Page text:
CRARYVILLE–Five candidates are vying for three open seats on the Taconic Hills Central School District Board of Education. The candidates are Craig Bender, Lynn Brandt, Joseph Costa, Nadine Gazzola and Linda L. Lee.
Two of the seats are for five-year terms and one is for a two-year unexpired term.
For 2019-20, the proposed budget is $38,112,618, which is down from the adopted 2018-19 budget by 1.62 percent. The proposed tax levy is $24,811,160, up $794,345 or 3.31 percent–the state Maximum Allowable Levy limit.
There is also a proposition to purchase two school buses.
This year’s budget vote and school board election will take place from noon to 9 p.m. Tuesday, May 21 in the Veterans Community Room.
Following are brief profiles, in alphabetical order, on each of the five candidates:
Craig Bender of Ghent has been a district resident for 20 years.
He works as an executive at IBM and is responsible for a $12 million budget. Mr. Bender’s daughter attended Taconic Hills from grade 7 through 9 (2003-2005) and he is involved in a number of local community organizations.
Mr. Bender is president of Kids Need Music, treasurer of the Columbia County Bail Fund, serves on the Social Action Committee of the Chatham Synagogue and on the Music Committee of the Spencertown Academy of Arts center.
Asked why he is running for school board, Mr. Bender said, “As a Taconic Hills board candidate, my core beliefs are: a) enriching children’s experience through Math, Science, ELA and the arts; b) open communication and transparency to the community; and c) work with what we have (fiscal responsibility without raising taxes).”
His hobbies include classical piano, hiking and golf.
A lifelong district resident, Lynn Brandt of Churchtown is a senior dispatcher with the Hudson City Police Department, where she has been employed for 18 years.
She has two children and a niece currently enrolled in Taconic Hills, and two stepchildren, a sister, and two cousins previously graduated from the school. Both her parents, two uncles, three aunts and both maternal grandparents graduated from the district’s former Roe Jan and Ockawamick schools.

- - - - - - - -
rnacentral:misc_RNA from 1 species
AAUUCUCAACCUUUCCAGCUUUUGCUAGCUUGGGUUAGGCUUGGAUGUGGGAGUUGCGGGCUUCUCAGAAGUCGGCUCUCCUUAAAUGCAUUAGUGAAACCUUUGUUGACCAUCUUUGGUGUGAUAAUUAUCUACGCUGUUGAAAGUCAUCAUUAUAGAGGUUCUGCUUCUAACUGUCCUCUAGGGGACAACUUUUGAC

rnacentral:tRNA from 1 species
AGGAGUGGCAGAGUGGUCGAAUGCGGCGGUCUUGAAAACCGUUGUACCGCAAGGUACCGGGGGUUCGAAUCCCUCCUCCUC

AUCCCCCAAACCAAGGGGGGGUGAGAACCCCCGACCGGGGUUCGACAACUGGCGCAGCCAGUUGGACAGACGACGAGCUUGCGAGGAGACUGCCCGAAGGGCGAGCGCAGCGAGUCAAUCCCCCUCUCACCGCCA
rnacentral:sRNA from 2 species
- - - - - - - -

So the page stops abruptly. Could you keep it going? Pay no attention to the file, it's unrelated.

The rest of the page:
Ms. Brandt is active in the community. “I am a life and active member of the Churchtown Fire Company,” her candidate profile questionnaire stated. “I joined as a Junior Member at the age of 17. I currently hold the elected position of Secretary and Board Secretary.”
She is also a member of St. Thomas Lutheran Church; volunteered as an EMT; and is a board member of the Taconic Hills Dollars for Schools program. She also volunteers for the Taconic Hills Sports Booster Club.
“I would like to run for the board as I have always had a sense of community and giving back,” she said in her questionnaire. “I have either volunteered or worked in community service most of my life. With a long history of family graduates and future graduates I have a great sense of commitment to Taconic Hills.”
She wants to find solutions to the systemic issues at Taconic Hills. “Although there are many parents that are very happy with Taconic Hills, I’ve seen a growing number of parents who feel like they cannot trust the school administrators,” Ms. Brandt said. “I feel that this is because the school does not properly communicate with the parents. I would like to see the school communicate better with how and when they disseminate information to parents.”
Ms. Brandt would also like to see a reduction in absenteeism. “I think if we can find a rewards system for high school students to work with and mentor/tutor junior high students, then maybe we can reduce the number of absenteeism,” she said. “Creating a positive relationship with the school experience.”
Incumbent Joseph Costa of Churchtown has served on the Board of Education for the past nine years and hopes to continue to do so.